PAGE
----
A potential food fraud incident around pre-packed slice beef labelled falsely as British is currently under investigation.
The National Food Crime Unit (NFCU)’s deputy chief, Andrew Quinn, has confirmed this to be a matter of fraud rather than safety, with the products allegedly coming from South America and Europe rather than Britain as the labels purported.
According to reports, Quinn said the retailer was notified on the same day the unit acted against the food business suspected of fraud. All affected products were then removed from shelves.
Supermarket Booths has confirmed after speculation it was the retailer in question and that it has been working with the NFCU since 2021 and it is not under investigation itself.
In a Tweet the grocers stated: “Booths support for the investigation relates to a limited selection of cooked meat products and Booths have no knowledge of any other aspects of the investigation.”
The supermarket has also said its fresh meat, poultry and game products are not affected by this investigation and that, with the exception of the limited selection of cooked meat products impacted, it is “absolutely confident” in its British only meat commitment.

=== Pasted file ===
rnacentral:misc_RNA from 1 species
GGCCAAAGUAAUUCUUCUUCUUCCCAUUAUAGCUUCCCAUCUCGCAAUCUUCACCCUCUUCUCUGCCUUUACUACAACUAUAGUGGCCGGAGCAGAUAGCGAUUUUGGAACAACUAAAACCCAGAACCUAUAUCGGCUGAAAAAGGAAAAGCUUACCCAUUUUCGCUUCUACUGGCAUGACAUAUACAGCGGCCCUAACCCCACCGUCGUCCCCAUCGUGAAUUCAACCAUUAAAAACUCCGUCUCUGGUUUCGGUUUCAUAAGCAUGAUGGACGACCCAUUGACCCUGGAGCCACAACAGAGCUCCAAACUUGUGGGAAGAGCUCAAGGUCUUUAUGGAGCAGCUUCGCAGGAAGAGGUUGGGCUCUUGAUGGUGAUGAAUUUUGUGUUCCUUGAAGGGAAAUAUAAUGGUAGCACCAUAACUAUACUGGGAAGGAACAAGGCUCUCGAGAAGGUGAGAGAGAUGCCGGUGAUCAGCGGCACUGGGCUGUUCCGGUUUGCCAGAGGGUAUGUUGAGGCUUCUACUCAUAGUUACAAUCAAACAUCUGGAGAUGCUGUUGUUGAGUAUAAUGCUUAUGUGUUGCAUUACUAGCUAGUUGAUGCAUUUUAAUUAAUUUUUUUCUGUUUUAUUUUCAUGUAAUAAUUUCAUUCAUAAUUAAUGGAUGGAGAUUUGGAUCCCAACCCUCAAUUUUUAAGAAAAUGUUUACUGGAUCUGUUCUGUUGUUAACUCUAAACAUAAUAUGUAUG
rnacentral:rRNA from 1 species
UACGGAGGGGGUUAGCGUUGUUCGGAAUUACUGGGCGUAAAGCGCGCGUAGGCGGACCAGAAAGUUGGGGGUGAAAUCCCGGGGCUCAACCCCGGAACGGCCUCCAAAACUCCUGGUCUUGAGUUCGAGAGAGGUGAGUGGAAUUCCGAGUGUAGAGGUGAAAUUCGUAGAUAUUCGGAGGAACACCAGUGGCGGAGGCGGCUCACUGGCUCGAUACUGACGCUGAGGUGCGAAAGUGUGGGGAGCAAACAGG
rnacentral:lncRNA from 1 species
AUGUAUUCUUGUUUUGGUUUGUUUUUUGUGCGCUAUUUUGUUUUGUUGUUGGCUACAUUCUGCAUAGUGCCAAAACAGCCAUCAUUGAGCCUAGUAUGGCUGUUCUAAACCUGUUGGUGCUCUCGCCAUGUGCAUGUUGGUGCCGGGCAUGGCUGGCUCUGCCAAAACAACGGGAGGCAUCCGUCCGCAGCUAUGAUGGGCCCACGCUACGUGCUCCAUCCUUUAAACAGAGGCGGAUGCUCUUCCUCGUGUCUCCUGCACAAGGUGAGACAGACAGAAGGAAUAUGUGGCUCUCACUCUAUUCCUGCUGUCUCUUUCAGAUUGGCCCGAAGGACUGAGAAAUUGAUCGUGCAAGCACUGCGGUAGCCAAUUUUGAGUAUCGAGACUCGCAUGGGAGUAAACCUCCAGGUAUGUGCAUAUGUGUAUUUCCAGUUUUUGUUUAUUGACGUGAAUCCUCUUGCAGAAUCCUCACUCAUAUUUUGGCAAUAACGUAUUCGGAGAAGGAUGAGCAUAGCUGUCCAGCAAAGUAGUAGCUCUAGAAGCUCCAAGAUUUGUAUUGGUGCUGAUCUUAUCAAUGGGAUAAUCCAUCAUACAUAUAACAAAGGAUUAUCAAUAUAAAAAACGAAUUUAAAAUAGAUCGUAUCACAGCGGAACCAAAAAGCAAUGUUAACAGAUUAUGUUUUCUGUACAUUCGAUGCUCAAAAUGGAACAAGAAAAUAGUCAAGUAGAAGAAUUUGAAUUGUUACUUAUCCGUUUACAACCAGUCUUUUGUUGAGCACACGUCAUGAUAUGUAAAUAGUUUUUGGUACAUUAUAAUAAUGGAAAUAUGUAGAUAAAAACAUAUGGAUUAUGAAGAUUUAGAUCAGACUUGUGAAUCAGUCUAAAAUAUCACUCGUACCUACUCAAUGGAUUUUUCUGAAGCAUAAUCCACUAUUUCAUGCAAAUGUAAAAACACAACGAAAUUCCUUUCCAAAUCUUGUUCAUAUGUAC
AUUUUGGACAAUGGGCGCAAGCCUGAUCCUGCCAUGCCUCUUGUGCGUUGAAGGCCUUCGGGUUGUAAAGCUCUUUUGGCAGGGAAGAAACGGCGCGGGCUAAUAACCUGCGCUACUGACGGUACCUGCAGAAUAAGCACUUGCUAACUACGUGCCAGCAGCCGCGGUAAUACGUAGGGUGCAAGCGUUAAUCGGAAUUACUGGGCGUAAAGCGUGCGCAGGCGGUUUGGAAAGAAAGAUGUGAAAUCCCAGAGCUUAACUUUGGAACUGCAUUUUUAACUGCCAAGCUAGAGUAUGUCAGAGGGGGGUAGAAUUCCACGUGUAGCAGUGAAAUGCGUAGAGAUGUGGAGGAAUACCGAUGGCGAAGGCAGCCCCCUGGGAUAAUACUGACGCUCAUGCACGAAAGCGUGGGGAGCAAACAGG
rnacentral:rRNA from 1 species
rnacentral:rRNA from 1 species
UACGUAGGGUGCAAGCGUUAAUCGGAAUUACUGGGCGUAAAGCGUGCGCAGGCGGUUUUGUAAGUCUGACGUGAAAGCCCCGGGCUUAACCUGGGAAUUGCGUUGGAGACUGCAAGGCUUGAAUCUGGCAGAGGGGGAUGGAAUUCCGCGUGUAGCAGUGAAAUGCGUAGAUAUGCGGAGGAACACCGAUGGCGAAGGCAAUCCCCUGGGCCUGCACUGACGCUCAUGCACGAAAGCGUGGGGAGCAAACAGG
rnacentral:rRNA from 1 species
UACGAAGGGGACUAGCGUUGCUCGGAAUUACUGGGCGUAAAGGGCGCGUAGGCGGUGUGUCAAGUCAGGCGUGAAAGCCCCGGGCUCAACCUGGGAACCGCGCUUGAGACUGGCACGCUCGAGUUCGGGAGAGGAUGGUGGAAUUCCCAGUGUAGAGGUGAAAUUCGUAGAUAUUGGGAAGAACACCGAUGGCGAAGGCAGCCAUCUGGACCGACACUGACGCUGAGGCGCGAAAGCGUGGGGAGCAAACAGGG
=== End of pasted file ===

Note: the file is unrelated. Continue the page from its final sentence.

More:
"Issues of provenance, traceability, honesty and authenticity are of the highest importance to Booths and the business has been fully co-operating with and supporting the work of the NFCU for the past 18 months," a spokesperson told Food Manufacture. "It is important that the NFCU is able to complete its investigations in an objective and impartial manner. The NFCU continue to have the full support of Booths and to that effect, Booths will make no further comment at this stage, any further enquiries relating to this matter should be directed to the NFCU."
This incident follows in the shadow of the 10-year anniversary of the horse-meat scandal, which NFU president Minette Batters referenced in the association’s recent conference where she warned the risks of complacency.
“When it comes to exporting to our neighbours in the EU, our farmers face the full gamut of EU controls while, three years on, we fail to apply the same level of controls on their imports," she said. "It’s not just an issue for competitiveness, but also for our critical biosecurity. Ten years on from the ‘horsegate’ scandal we cannot afford to be so complacent about the risks that continue to exist.”